MLK Day Reflections on the FOMC

The Federal Reserve Act designed the Federal Open Market Committee (FOMC) to ensure that the Committee sees the economy from many different angles.  Thus, the Presidents of the various regional Feds regularly report out to the FOMC on conditions within their Federal Reserve Districts.  Those reports are based in large part on economic intelligence from the Boards of Directors of the various regional Banks.  As is statutorily mandated, those Boards have representation from many walks of economic life - see here for what I mean. 

As a monetary policymaker, I felt this emphasis on economic diversity greatly enhanced the Committee’s deliberations.  Of course, the FOMC doesn’t make monetary policy based solely on economic conditions in, say, Williston, North Dakota (at the heart of the recent Bakken oil boom).  But the US is a remarkably heterogeneous economy.  It is appropriate - indeed essential - for monetary policymakers to reflect on how national economic forces, and how the FOMC’s reactions to those forces, are impacting different Americans differently.  

However, there is one key source of economic difference in American life that is likely underemphasized in FOMC deliberations: race.  Let’s look, for example, at the most recently released transcripts for FOMC meetings, which cover the year 2010 (my first full year on the Committee).  It was a challenging year for the US economy as a whole, as the unemployment rate was above 9 1/4% in every month.  But it was especially challenging for African-Americans: In every month of 2010, the unemployment rate among African-Americans was at least 15 1/2%.   I did a search of the hundreds of pages of the meeting transcripts.  Based on that search, my conclusion is that there was no reference in the meetings to labor market conditions among African-Americans (or Black Americans).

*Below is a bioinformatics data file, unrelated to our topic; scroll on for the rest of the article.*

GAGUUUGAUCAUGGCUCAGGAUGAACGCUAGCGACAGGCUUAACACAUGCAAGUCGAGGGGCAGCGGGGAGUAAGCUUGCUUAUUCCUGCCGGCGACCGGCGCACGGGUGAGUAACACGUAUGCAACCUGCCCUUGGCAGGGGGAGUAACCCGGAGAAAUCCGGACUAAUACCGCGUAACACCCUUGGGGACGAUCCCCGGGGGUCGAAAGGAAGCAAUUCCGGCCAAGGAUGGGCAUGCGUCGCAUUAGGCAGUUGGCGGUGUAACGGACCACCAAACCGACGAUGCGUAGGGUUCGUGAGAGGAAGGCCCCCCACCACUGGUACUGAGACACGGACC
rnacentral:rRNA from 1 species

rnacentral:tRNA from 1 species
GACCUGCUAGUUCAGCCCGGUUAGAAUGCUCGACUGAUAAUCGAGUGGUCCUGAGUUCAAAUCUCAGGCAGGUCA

Monetary policymakers, with their needed independence, always risk being (or at least being seen as) insufficiently empathetic to the lives of their nations’ citizens.  The Federal Reserve Act has mitigated this risk in the US by ensuring that an appreciation for economic diversity is at the heart of the FOMC’s deliberations.   

But the Federal Reserve Act’s vision of economic diversity is largely regional and sectoral in nature.  As we all know all too well, race matters: the average African-American’s experience with the US economy is very different from that of the average white person’s.   I believe that the Committee’s deliberations would be even stronger if they took more account than they did in 2010 of this essential source of heterogeneity in our nation’s economic life.  

N. Kocherlakota

Rochester, NY, January 18, 2016

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